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Peace Means Equal Rice in Every Mouth

November 7, 2008

Tokyo is about a two hour ride by the bullet train from where I live. This last month I traveled three times to the big metropolis. When I go I like to look out the window and see the mountains, the rice fields, and the old farm houses nestled into the forest. In October the rice fields turn a gentle golden color. Harvest is near. Each stalk is heavy with plentiful rice. This year there have been fewer typhoons than usual. The farmers are looking forward to a good harvest. It is good that rice is plentiful. On my last trip to Tokyo I could see snow on the mountains. Winter is around the corner.

My daily life in Sendai these days is a bit stressful. I have announced that this will be my last term to work at the Sendai Student Center as its director. I have been trying to pass on this youth ministry, started by missionaries 58 years ago, to the Japanese church. But things have not gone so smoothly. The next four years will be a challenge to see if we can work together to find my successor, and whether the local churches can come around to seeing the ministries of the Student Center as a part of their own. Ownership and leadership must be in the hands of the local Christians. Much of mission these days is about letting go of the old, so that God can birth something new. Please keep the Japanese church in your prayers.

Another dimension of my work which brings me much joy is to be a part of an inter-religious movement to "protect" the Japanese Constitution from being revised. As it stands now Japan cannot go to war. However, with strong backing from the US, the Japanese government is taking steps to change Article Nine which "forswears the use of military force to solve international conflicts." The Japanese government is prepared to move for a national referendum sometime after the year 2010. The media has been eager to fill the hearts of the people with fear of North Korea and China. The question for those of us citizens who want to build a world without war is; can we raise the consciousness of the Japanese people to think about the implications of losing this peace clause. And can we build an international network which will claim Article Nine as a symbol of hope not only for Japan, but for all peoples.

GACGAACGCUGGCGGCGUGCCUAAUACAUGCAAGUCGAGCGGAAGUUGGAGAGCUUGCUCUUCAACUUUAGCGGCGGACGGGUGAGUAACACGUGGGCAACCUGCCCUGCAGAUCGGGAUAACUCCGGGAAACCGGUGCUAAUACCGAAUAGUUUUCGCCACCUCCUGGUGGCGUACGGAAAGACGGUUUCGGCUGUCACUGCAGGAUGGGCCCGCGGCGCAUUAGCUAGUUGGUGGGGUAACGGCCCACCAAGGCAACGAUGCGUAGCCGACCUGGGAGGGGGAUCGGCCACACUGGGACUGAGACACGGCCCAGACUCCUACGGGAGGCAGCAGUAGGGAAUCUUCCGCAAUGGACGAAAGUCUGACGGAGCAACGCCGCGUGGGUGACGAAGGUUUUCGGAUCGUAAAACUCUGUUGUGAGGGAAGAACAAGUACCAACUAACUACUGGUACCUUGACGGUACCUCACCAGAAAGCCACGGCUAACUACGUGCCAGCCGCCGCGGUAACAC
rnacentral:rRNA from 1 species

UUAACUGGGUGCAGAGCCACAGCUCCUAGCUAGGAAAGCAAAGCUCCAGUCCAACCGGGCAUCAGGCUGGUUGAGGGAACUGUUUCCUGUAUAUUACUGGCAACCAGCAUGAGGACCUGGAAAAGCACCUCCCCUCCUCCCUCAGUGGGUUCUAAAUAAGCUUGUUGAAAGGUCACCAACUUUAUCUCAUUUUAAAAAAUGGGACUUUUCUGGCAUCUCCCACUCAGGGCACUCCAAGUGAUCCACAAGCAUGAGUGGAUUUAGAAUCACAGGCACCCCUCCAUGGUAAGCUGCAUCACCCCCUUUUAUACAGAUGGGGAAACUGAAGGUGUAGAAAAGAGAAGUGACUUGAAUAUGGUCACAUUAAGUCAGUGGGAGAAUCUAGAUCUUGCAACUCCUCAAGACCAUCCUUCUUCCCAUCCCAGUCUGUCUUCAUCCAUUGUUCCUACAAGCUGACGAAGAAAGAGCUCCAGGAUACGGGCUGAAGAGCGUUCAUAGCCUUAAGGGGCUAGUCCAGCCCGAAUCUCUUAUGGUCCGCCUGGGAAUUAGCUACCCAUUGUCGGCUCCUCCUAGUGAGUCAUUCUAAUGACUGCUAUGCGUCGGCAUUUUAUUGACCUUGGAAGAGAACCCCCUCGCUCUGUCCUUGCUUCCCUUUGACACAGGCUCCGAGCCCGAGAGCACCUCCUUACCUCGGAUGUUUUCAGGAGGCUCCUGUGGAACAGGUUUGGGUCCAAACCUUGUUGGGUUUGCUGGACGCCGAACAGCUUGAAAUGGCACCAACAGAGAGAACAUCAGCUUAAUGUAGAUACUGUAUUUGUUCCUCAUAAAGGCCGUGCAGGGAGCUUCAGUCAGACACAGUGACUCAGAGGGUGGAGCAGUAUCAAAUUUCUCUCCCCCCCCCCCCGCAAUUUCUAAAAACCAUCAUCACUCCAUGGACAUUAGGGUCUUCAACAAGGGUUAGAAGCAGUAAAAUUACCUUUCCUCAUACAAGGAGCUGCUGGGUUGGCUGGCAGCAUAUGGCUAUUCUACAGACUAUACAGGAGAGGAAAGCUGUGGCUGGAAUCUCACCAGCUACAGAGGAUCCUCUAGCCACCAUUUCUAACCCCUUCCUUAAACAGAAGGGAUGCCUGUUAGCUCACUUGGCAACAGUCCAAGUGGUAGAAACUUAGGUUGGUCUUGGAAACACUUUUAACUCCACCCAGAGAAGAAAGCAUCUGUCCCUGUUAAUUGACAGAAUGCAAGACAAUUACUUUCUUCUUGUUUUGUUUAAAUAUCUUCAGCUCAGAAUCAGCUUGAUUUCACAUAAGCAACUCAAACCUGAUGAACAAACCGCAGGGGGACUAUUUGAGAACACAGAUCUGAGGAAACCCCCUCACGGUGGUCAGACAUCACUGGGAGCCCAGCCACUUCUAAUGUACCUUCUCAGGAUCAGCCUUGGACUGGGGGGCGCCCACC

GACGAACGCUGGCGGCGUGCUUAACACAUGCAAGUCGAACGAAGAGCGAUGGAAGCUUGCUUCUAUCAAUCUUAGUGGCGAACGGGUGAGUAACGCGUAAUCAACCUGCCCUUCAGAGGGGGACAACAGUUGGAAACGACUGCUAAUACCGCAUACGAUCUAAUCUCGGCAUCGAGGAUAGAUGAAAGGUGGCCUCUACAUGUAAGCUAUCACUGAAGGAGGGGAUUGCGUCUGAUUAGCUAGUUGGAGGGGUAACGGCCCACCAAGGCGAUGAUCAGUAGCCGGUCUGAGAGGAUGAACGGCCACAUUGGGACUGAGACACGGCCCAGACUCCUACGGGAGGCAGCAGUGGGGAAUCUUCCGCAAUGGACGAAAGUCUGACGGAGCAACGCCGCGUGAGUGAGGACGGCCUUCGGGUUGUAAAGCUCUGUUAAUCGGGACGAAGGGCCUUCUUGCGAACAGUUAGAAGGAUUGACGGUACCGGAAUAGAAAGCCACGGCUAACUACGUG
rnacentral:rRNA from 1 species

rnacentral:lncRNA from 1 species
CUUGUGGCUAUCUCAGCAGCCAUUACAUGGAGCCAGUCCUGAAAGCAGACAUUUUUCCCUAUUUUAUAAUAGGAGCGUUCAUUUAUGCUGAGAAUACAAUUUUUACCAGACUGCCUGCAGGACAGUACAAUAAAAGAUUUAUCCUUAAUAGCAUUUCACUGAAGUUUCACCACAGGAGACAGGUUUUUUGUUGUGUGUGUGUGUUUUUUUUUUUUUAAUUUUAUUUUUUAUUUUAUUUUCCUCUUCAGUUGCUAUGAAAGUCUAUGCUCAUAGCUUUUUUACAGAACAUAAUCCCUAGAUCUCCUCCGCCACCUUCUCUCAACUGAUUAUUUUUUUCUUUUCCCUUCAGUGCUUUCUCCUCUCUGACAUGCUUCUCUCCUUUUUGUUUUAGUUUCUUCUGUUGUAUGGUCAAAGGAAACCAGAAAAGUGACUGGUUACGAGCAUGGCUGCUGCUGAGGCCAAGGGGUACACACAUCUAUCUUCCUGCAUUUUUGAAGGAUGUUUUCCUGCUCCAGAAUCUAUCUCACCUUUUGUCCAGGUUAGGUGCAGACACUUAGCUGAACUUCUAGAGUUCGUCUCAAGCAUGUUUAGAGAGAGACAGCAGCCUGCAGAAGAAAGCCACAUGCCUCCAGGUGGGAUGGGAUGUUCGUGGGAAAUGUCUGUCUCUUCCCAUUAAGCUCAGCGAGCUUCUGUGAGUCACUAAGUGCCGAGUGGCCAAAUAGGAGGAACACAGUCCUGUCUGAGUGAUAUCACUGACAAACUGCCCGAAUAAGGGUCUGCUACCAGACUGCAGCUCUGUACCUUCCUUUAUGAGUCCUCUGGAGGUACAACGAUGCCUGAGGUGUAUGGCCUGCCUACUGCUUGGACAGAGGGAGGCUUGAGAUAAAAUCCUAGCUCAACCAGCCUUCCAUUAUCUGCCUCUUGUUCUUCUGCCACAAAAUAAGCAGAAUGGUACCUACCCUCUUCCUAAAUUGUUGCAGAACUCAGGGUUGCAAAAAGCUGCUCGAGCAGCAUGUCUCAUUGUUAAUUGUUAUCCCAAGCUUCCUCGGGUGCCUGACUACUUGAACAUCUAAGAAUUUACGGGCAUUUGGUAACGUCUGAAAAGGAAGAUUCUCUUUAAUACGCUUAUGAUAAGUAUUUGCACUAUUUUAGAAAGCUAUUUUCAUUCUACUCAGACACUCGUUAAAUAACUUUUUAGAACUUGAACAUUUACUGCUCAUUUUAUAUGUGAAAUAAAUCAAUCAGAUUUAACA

I traveled to Tokyo to serve as translator for a follow-up meeting to the First Inter-Religious Conference on Article Nine held in November of 2007. (See Feb. 2008 mission letter) Thirty one Buddhist, Muslim and Christian leaders came together to learn, share, and plan for a second Inter-Religious Conference, most likely to be held next year in Seoul, Korea. There was a sense that this issue affects all countries in the Far East – and the role of the United States a key factor for a future of peace in the region. The members of the follow-up meeting will send a letter to the new president of the United States, requesting him to follow new policies with regard to the Far East. They also discussed concrete action plans which involved peace marches, developing peace education material, networking and sharing of information, etc. I was most impressed to see the Japanese Christians at the forefront, providing so much leadership. It made me proud to be a partner in mission with them.

The word for peace in Japanese is "heiwa." The Chinese characters used for this word mean "equal rice in every mouth." We know that militarization breaks community, and causes economic disparity. War destroys and destabilizes life. Therefore, a world without war is a world where everyone is blessed with "equal rice in every mouth."

Those who work for peace will always be a handful. But the harvest they will bring in will be a blessing for "all peoples!"


Jeffrey Mensendiek

Jeffrey Mensendiek serves with the Council on Cooperative Mission, assigned to the Gakusei (Student) Center in Japan.  He serves as Director of Gakusei (Student) Center in Sendai, Japan.


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